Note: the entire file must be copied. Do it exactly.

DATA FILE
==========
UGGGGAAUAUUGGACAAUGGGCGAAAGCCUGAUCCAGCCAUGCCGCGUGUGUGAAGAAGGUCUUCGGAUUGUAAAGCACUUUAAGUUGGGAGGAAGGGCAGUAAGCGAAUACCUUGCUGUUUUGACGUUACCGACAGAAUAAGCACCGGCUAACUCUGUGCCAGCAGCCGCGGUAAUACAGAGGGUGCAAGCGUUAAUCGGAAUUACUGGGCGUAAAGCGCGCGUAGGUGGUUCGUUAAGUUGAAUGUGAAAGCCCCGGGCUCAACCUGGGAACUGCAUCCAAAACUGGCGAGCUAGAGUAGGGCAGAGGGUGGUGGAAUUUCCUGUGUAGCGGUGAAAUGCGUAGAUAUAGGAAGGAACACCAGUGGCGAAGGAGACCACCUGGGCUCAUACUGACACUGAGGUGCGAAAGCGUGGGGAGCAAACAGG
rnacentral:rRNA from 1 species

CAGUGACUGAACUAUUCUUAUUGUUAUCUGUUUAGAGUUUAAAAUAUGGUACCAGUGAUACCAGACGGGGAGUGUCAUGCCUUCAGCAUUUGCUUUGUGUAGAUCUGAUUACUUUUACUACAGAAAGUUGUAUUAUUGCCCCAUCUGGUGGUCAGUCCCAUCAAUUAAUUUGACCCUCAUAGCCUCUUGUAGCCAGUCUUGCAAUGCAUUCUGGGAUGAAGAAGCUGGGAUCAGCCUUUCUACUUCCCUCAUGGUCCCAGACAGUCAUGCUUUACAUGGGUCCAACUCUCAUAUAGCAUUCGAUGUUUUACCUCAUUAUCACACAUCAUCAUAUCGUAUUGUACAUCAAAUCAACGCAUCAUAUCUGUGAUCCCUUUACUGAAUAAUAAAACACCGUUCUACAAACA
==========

UGGGGAAUAUUGGACAAUGGGCGAAAGCCUGAUCCAGCCAUGCCGCGUGUGUGAAGAAGGUCUUCGGAUUGUAAAGCACUUUAAGUUGGGAGGAAGGGCAGUAAGCGAAUACCUUGCUGUUUUGACGUUACCGACAGAAUAAGCACCGGCUAACUCUGUGCCAGCAGCCGCGGUAAUACAGAGGGUGCAAGCGUUAAUCGGAAUUACUGGGCGUAAAGCGCGCGUAGGUGGUUCGUUAAGUUGAAUGUGAAAGCCCCGGGCUCAACCUGGGAACUGCAUCCAAAACUGGCGAGCUAGAGUAGGGCAGAGGGUGGUGGAAUUUCCUGUGUAGCGGUGAAAUGCGUAGAUAUAGGAAGGAACACCAGUGGCGAAGGAGACCACCUGGGCUCAUACUGACACUGAGGUGCGAAAGCGUGGGGAGCAAACAGG
rnacentral:rRNA from 1 species

CAGUGACUGAACUAUUCUUAUUGUUAUCUGUUUAGAGUUUAAAAUAUGGUACCAGUGAUACCAGACGGGGAGUGUCAUGCCUUCAGCAUUUGCUUUGUGUAGAUCUGAUUACUUUUACUACAGAAAGUUGUAUUAUUGCCCCAUCUGGUGGUCAGUCCCAUCAAUUAAUUUGACCCUCAUAGCCUCUUGUAGCCAGUCUUGCAAUGCAUUCUGGGAUGAAGAAGCUGGGAUCAGCCUUUCUACUUCCCUCAUGGUCCCAGACAGUCAUGCUUUACAUGGGUCCAACUCUCAUAUAGCAUUCGAUGUUUUACCUCAUUAUCACACAUCAUCAUAUCGUAUUGUACAUCAAAUCAACGCAUCAUAUCUGUGAUCCCUUUACUGAAUAAUAAAACACCGUUCUACAAACA